My wife is having an affair.
Somehow, writing those six words makes it more real, more painful. I’ve known about it for months now; few things of note stay secret in a marriage. But my knowledge has provoked not an instance of remorse. If anything, she seems to be a little more empowered with each passing day.
You think you know someone, and then you don’t.
Affairs tear relationships, families, people apart. Trust is no more, confidence shattered. Someone who’s been betrayed can spend a lifetime unable to repair a broken soul. Ask ten people who think they’re happily married: Would you prefer to discover your spouse was having an affair, or would you rather your spouse come to you first, and told you he or she was leaving? No one wants to discover an affair. No one. And it’s true what they say: the spouse is always the last to know. Of course to that question there is no good answer, but sometimes life gives you lemons.
I am not here, baring what remains of my soul, to tell you about some fling. No. What I’m trying, desperately, to understand is a long-term, emotional and physical relationship between my wife and another. There’s a difference.
Like most affairs, it started innocently enough. She met a new friend. God knows she needed one. In hindsight – and there’s always hindsight – I suppose I knew, on some level, I wasn’t capable of giving her the affection she so desperately needed. And I’m going to tell you a secret, a truth so profound it will change your thinking of the one cast aside:
No matter how wonderful you are, how talented, how full of love, no matter how good-looking you may be, or how thoughtful you have been, you cannot, ever, compete with the newness of an affair.
Because an affair is just that: it’s new, it’s exciting, it’s different. And it’s “forbidden”. In a vacuum, you may be the best lover the world has ever known. When your spouse is having an affair, you’re going to be second-best. It’s just a fact.
Many victims of infidelity blame themselves; it’s a natural conclusion for the aggrieved. My problem, though, is that such blame is absolutely fair. You see, I introduced them. I thought it would be a positive thing; in hindsight – there’s that word again – I was the enabler. The broker.
That was eight months ago. Three lives, during this time, have been wholly and irrevocably altered. There is no going back. Even if it ended today, none of us will ever be the same. This is real, and speaking for myself, I am not the person I was eight months ago. Before it started.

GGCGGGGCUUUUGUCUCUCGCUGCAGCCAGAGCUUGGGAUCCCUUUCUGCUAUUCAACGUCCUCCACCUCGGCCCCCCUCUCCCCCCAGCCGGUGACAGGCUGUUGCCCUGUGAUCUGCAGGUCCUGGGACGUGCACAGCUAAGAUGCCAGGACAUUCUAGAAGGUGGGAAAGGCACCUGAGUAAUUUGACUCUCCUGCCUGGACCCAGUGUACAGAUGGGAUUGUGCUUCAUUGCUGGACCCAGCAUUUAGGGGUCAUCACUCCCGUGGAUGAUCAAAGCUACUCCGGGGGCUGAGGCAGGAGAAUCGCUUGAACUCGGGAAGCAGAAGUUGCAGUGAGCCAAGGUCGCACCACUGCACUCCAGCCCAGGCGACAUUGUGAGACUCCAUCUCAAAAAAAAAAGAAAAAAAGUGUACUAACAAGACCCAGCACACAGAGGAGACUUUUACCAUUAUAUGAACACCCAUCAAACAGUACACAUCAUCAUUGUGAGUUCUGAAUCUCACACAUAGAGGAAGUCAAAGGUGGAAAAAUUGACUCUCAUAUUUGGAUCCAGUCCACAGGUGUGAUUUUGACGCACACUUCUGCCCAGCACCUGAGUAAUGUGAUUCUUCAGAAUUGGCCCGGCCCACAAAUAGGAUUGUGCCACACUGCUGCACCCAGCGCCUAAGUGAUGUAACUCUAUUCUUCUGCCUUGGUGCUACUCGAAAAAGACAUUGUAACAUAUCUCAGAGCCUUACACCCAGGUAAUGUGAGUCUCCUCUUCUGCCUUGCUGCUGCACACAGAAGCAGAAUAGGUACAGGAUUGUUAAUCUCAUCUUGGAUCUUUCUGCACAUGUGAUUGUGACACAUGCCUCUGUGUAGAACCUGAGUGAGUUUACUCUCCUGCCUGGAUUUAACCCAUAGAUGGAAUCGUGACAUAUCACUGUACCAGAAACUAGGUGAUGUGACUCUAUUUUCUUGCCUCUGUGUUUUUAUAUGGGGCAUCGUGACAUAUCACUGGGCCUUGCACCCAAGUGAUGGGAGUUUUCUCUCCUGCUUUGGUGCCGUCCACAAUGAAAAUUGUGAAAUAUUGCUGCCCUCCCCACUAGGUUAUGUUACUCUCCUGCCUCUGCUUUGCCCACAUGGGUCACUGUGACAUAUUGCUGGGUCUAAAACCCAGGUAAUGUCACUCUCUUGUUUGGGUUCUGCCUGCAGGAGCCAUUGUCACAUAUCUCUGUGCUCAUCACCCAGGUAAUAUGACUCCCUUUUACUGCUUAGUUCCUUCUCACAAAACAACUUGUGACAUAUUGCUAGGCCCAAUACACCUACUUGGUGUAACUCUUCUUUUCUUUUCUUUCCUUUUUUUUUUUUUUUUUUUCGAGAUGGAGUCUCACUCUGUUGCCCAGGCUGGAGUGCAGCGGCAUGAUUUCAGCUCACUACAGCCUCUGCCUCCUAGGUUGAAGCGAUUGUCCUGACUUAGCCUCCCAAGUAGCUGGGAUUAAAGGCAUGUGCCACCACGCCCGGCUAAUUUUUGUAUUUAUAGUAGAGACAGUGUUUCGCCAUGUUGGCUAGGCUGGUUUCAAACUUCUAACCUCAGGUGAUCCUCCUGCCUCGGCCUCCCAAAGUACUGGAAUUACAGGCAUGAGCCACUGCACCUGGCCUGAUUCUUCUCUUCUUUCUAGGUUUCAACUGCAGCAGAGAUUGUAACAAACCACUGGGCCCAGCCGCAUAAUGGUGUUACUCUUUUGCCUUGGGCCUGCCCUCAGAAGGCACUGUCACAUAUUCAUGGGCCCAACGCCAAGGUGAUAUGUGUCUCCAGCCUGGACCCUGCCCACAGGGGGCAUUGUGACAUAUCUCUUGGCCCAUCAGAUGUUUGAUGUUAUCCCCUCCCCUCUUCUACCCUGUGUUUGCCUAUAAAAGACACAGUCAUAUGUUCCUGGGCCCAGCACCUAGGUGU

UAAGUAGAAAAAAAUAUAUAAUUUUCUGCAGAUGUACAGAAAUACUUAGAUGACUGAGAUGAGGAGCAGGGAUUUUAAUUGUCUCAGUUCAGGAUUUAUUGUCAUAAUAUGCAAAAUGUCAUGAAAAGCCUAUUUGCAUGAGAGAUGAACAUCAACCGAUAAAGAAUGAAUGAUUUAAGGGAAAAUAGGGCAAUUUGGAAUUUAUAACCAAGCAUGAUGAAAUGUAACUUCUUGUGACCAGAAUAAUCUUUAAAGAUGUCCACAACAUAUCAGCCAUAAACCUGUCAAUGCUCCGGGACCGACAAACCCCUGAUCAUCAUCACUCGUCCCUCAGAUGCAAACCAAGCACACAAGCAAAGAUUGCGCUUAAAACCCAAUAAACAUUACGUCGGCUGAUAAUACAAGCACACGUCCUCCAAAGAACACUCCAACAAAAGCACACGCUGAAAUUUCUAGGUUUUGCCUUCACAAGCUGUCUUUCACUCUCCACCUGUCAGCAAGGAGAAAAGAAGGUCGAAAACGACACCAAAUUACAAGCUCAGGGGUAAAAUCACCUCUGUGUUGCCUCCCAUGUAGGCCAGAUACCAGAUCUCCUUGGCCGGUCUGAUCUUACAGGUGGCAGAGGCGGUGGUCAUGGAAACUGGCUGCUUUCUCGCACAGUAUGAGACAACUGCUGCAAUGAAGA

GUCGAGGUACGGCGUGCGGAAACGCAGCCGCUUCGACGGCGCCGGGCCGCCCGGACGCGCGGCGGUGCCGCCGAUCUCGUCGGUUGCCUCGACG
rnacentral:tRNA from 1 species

I have always been a giver. That’s an asset and a liability, of course. See, I thought I was thoughtful. I thought my wife could use something new and positive in her life – heaven knows she’s had a rough go of it. And I met him, got to know him, and stupidly, securely thought, “I bet he’ll be a happy, positive influence if she gets to know him.” I was the enabler. The broker. Me.
And even I, in all my pain, have to admit I was right. Lord but I was right. Their relationship took off so fast I didn’t even know they were gone. But they were, and still are.
So where do I go from here? Now I sit, an unwilling cuckold of sorts, at a distance. I can say with certainty that I have never brought about feelings in her like he does. I understand, intellectually, that I’m on my own. Even in a fair contest, I can’t compete with this guy. He’s good looking. He’s strong, and he makes her feel incredibly safe. I think it’s made worse that I can see they joy in his eyes when he’s with her. Did my eyes ever sparkle like that?
They’re meant to be, these two. On that there is no debate. So my challenge, my opportunity, is to be what I so desperately want: I have to be a better man. And that means letting them go. I have to do that thing that’s so easy, and so hard. I have to love her enough to let her go. I understand, by the way, that she’s already gone. This is for my own sanity.
Can I find the strength, when I feel totally destroyed, to be happy for them? I’m told that’s a key step in my own healing. It is so hard.
For those of you who haven’t been through this, count your blessings. I envy you. But if I am honest with myself, I envy him the most.
Even now, eight months later, he sits at the door and awaits her return. How could I compete?